Given the different complexity of topics and individual differences such as interests for specific topic, a personalised comparison between topics is not possible. However, this presentation of results can be useful to measure the consistency of students' attainment. If a specific student had a dramatic drop in their test scores between topics, this could be identified and dealt with; for example additional revision sessions or consideration of any personal circumstances.
In addition, the results displaying the grade categories could be compared between topics to assess particular topics in which the class are strong at and weaker at. This data could be then used to identify topics which need additional teaching and time spent reviewing the subject knowledge. From comparing the data, I'm confident to propose that students had a good understanding of this taught topic, given their encouraging test results.
Interestingly, when looking more closely at the responses to specific questions, students scored the lowest in the balancing questions. If I were to teach this group again, this would be an area to revisit and teach again, reinforcing the use of summative assessment for future planning and teaching.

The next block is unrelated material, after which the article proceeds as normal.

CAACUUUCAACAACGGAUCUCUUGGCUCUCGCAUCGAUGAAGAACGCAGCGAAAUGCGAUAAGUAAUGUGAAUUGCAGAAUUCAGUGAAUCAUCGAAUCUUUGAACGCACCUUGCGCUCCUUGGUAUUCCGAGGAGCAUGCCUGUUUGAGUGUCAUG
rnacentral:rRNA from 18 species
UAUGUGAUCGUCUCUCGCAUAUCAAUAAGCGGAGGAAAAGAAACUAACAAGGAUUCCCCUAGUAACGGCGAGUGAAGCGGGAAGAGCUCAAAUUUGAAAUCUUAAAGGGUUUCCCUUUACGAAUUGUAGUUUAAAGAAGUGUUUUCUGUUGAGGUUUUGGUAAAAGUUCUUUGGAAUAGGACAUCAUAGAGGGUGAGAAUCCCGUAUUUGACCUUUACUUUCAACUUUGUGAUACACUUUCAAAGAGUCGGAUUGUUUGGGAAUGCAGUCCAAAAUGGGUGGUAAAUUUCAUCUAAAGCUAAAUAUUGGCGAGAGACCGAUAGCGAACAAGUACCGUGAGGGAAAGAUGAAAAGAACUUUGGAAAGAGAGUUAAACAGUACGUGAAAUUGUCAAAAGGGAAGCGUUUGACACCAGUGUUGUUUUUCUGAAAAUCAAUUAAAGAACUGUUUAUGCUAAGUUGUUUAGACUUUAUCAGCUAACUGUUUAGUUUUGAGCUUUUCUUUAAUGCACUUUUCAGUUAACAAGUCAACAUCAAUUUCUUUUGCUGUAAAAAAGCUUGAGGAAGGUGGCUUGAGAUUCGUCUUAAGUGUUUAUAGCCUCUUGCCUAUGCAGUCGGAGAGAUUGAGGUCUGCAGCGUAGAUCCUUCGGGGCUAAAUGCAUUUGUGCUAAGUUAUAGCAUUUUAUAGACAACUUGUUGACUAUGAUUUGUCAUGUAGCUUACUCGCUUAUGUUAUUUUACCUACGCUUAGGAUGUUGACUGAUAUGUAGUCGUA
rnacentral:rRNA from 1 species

Educational researchers have argued in favour for the employment of summative tests for formative purposes (Black & Wiliam 2003; Black et al. 2003) whereby external assessments can inform and help guide curriculum reforms (Shavelson et al, 2003). Shavelson et al, (2003) has also encouraged the alignment between formative and summative assessment. Using end of topic tests can reveal misconceptions and enlighten the teacher's planning and focus towards areas still misunderstood.
However, summative assessment is also acknowledged to negatively impact on learners' motivation, directly and indirectly Harlen and Deakin Crick (2002, 2003). Directly, summative assessment can induce test anxiety, poor grades can reduce self-esteem and generate negative perceptions of the learner. Indirectly, summative assessment triggers teaches to modify their teaching approaches to provide direct facts which are to be tested, and offer little chance for students to learn through exploration (Johnston & McClune, 2000).Â
The range of assessment approaches during lessons had an underlying constructivist approach to learning. For students, assessment provided up to date evidence of their educational development, rewarded their achievement, whilst identified opportunities and approaches to improve work with targets (Sadler, 1989). The assessment was designed to fit the purpose of lessons (appendix 2) and embraced constructivist principles as advocated by Sherman and Kurshan, (2005)